Bilateral Trade and Investment Between Saudi Arabia & India, 2023/24 Situation and Prospects


By Farzad Ramezani Bonesh


After the independence of India in 1947, diplomatic relations between New Delhi and Riyadh were established. Although the relations were not close until the early 1990s, various causes strengthened the motivations in relationships. King Abdullah bin Abdulaziz Al Saud’s visit to India in January 2006 was a milestone in increasing economic, investment, and technical cooperation between the two countries and signing 15 agreements.

In recent years, we have witnessed the visits of senior officials such as the Crown Prince of Saudi Arabia and the Prime Minister of India from each other’s countries. The formation of the Strategic Partnership Council (SPC) between the two countries in October 2019 is another important step in promoting relations.

The expansion of high-level meetings by officials and leaders of both countries is very important in business development. Political geopolitics and security factors play a role in Riyadh’s attention to trade with India. Now the changes are such that Saudi Arabia is not willing to sacrifice its economic interests in expanding relations with India for the interests of Pakistan.

In New Delhi’s foreign policy, India’s desire to play a more powerful global role, compete with China and fill the void of the United States in the Middle East has led to India paying more attention to the growth of relations with Riyadh.

Reducing the differences between India and Saudi Arabia on issues such as Kashmir, the India-Pakistan tension, Afghanistan, and Islamic extremism, are also important for the development of trade relations between the two sides.

Multilateral trade


India’s energy needs are still increasing, and attracting investment to develop energy infrastructure is also part of India’s important steps.

Even if India can obtain about two-thirds of its new energy consumption from renewable energies, the energy sector still plays an important role in trade relations between India and Saudi Arabia. At present, New Delhi respectively imports about 18 – 22 % of its crude oil and LPG from Saudi Arabia.

Saudi Arabia plays an important role in the import, energy security, and strategic oil reserves program of the second-largest economy in Asia. Riyadh considers New Delhi to be a basic and key buyer of oil and has many plans in the energy sector in coordination with India.

India wants to earn 40% of its needed energy from renewable and non-fossil sources by 2030. Therefore, since the establishment of the Joint Strategic Cooperation Council of India and Saudi Arabia in 2019, they have signed a series of agreements in the field of energy, and renewable energy. Also, the investments of Saudi companies such as Alfanar and Aljomaih in wind and solar energy projects in India and the investigation of new energy and hydrogen energy as an energy source are on the path of cooperation between the two countries.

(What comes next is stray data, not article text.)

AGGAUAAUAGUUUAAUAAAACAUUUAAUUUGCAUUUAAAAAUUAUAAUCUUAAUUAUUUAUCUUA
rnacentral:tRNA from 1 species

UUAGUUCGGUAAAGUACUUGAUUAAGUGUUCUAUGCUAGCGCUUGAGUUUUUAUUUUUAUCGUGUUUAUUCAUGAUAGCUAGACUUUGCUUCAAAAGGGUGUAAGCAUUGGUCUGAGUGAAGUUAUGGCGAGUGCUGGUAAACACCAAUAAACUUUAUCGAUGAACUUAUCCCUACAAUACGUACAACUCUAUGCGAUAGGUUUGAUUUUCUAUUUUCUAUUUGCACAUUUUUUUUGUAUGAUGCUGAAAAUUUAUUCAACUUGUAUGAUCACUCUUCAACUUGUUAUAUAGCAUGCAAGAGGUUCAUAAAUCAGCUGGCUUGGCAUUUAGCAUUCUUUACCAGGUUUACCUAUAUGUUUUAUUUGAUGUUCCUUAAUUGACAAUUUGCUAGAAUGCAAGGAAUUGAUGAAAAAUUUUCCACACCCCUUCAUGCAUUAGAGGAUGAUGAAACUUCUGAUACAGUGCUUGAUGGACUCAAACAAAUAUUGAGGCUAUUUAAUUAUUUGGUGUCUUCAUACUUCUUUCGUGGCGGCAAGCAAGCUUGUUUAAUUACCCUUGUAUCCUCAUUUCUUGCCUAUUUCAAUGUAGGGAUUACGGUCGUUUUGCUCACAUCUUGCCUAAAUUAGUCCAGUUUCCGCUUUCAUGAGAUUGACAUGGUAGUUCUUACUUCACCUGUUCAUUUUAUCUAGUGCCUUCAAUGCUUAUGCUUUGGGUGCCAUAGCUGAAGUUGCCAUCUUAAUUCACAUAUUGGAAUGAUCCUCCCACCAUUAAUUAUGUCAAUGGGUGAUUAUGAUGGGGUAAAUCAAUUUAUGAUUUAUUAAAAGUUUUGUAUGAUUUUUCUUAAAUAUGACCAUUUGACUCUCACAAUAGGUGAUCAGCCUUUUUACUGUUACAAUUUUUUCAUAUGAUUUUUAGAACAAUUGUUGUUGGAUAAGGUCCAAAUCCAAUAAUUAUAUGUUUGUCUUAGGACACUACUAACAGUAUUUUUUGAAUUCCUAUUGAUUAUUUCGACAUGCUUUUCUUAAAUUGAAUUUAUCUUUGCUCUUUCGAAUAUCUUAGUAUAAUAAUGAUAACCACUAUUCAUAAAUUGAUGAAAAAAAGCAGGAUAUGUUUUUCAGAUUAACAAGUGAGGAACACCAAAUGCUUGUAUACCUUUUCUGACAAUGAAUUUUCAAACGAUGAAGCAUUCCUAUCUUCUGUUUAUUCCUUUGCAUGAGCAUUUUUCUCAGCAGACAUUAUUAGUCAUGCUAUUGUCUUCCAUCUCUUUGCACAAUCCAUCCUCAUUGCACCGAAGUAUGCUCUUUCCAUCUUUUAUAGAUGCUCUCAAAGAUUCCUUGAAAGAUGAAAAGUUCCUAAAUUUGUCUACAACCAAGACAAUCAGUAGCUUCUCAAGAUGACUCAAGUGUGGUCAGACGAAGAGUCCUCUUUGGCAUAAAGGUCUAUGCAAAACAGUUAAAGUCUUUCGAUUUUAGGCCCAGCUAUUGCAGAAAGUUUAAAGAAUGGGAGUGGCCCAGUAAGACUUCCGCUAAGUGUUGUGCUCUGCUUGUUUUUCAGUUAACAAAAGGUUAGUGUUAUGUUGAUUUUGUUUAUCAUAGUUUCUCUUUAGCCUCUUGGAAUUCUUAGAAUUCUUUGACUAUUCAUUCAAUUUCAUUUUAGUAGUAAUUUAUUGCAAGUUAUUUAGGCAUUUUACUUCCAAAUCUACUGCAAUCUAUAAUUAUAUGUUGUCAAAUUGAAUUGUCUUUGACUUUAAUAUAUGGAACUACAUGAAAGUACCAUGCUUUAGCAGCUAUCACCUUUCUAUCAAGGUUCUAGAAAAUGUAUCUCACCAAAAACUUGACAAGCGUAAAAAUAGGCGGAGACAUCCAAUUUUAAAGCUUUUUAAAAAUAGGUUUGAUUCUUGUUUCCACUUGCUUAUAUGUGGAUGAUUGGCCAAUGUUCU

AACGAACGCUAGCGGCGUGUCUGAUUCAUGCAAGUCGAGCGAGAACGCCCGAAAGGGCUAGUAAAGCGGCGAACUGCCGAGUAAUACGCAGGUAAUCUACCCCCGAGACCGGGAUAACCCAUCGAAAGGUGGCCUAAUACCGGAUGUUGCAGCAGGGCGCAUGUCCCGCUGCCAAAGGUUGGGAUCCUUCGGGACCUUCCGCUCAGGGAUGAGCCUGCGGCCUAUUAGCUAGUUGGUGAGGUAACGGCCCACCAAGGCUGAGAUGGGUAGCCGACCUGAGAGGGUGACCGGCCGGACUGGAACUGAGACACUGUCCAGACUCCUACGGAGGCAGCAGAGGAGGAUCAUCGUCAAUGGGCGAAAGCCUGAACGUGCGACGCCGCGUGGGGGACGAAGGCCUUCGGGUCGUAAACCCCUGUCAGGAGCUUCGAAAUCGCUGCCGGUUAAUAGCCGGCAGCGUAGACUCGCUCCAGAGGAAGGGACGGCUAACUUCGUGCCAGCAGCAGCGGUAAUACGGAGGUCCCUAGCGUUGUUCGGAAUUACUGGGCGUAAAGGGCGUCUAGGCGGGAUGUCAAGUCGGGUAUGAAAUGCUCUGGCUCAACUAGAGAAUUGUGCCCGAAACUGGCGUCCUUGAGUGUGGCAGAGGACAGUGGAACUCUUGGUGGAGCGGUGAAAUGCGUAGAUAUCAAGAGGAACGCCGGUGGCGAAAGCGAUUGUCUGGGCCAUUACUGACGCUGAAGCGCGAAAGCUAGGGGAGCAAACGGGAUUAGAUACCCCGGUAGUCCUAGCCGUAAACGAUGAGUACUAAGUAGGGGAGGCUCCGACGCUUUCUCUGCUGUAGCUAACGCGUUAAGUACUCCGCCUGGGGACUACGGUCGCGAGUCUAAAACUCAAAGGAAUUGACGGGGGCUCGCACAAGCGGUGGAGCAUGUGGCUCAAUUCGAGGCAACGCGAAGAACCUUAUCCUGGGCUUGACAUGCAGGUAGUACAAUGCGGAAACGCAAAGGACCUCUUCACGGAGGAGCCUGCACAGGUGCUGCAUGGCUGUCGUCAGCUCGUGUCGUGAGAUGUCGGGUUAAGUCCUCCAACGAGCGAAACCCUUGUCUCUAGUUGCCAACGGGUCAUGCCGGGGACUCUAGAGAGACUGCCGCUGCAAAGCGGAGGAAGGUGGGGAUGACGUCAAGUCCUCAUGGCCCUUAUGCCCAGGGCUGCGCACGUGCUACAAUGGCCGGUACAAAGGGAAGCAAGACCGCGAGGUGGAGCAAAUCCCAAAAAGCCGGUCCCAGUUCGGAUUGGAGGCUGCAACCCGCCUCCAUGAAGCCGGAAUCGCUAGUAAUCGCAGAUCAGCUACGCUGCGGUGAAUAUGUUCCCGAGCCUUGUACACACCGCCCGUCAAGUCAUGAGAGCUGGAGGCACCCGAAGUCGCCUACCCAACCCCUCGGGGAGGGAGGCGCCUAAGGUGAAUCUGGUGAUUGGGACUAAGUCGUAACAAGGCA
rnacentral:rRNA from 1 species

Expansion of investments

India recently witnessed a sharp growth in foreign direct investment inflows of US$83 billion. India’s important and effective variables such as appropriate growth, the most populous country in the world, the world’s fifth largest economy, approaching a US$5 trillion economy, technological advances, a large startup infrastructure, complete lack of dependence on a specific industry, a major exporter of labor, and so on have led to Riyadh to pay more attention to India’s investment platforms.

During his visit to India in February 2019, Saudi Arabia’s Crown Prince Mohammed bin Salman announced that the kingdom would invest US$100 billion into the country. Today, Saudi Arabia is one of the more important investors in India with an investment of about US$3-5 billion.

Saudi Arabia’s main and important investments in India include a refinery and petrochemical project in Maharashtra worth US$44 billion in partnership with Saudi Aramco. The billion-dollar investments of Public Investment Fund (PIF), in Reliance Jio Platforms and Reliance Retail Ventures Limited, and also SABIC’s US$100 million investment in an innovation center in Bengaluru in India, are all important.

Riyadh has also paid more attention to India’s potential with economic reform programs and oil economy diversification, asset diversification, “Vision 2030“, and turning Aramco into “the world’s largest sovereign wealth fund”. India’s position in the vision of 2030 is prominent.

India’s investment in the Saudi economy is about US2 billion with strong growth. About 750 Indian companies are registered in Saudi Arabia.

A number of major Indian companies operating like (L&T), (TCS), (TCS), Tata Motors, Air India, Jet Airvis, State Bank of India, are involved in tourism, housing, information technology, management services sectors and consulting, construction projects, pharmaceuticals, implementation of the world’s largest solar project, are all present in Saudi Arabia.

Food security

India has taken action and established organizations with emerging challenges such as climate change and food security. India is an agricultural country, becoming a global bridge in the global supply chain and an important partner of Saudi Arabia to ensure food security. Also, the cooperation between the two countries in the field of food security, and the joint working group on agriculture and food security has increased.